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Old 10th Feb 2021, 04:22
  #63 (permalink)  
Join Date: Jul 2013
Location: Everett, WA
Age: 65
Posts: 3,184
I'm going to give a contrary take - the problem is that the regulatory burden has soared to the point that everyone is looking for shortcuts, or you'll never get certified no matter how good the product.
The first flight of the 747 prototype was this day in 1969. Even though it was a revolutionary aircraft in size, propulsion, and avionics - and encountered numerous issues in flight test (flutter and engine surges to name two), it was certified and in-service before the end of 1969. That would have taken twice as long (at least) with todays regulations and processes - with a corresponding increase in costs.
In 1988, Boeing certified the 747-400. It had massive issues with avionics, EIS was months late, but the cert hurdles were - by today's standards - quite low. When I was working the 767-2C/KC-46 - we were using the same PW4000 engines that had been certified for the 767 and the 747-400 in 1988. So I sourced up the cert plan they'd used for the engine control system back then. Now, this cert plan covered the PW4000, the CF6-80C2 FADEC, and the RB211-524G/H engine control systems, for both the 767 and the 747-400. A total of six engine/airframe combinations (more if you count minor models of the 767 and various engine ratings). It was 30 pages long. My cert plan for the 767-2C engine control system - a derivative system for a single engine type on a single airframe - using the same hardware, with modified software and additional HIRF/Lightning/EMI hardening - was over 100 pages long. Then, over two years after that Cert Plan had been reviewed and accepted by the FAA - at the point where I thought I was just about done - the FAA suddenly decided it was insufficient - they needed additional man-years of documentation and analysis (far above and beyond what had been done originally - for a system with over 100 million flight hours of very safe in-service experience) that even the FAA admitted wasn't going to add anything to the system safety but would allow them to check some boxes. There have been something like 100 amendments to the FARS in the last 30 years (compared to about 40 in the previous 30 years). Yes, a few addressed shortcomings or updated the regulations to reflect current technology (e.g. FBW, FADEC, and carbon composite structures). But the vast majority have been bureaucratic make-work that increased the regulatory burden with zero contribution to safety.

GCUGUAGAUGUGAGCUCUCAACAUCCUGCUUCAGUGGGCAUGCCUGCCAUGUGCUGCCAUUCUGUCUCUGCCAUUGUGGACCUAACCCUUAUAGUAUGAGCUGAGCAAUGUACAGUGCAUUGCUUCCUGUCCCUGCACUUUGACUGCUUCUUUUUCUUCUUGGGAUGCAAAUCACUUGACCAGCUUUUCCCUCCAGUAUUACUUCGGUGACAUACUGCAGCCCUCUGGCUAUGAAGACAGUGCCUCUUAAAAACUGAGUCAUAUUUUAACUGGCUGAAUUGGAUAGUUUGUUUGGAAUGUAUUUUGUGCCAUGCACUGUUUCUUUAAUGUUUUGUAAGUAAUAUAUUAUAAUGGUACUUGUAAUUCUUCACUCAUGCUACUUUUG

The problem isn't a lack of regulatory oversight. The problem is that the regulators are not looking at the right things. It's a classic case of missing the forest because they are too busy looking at a tree.
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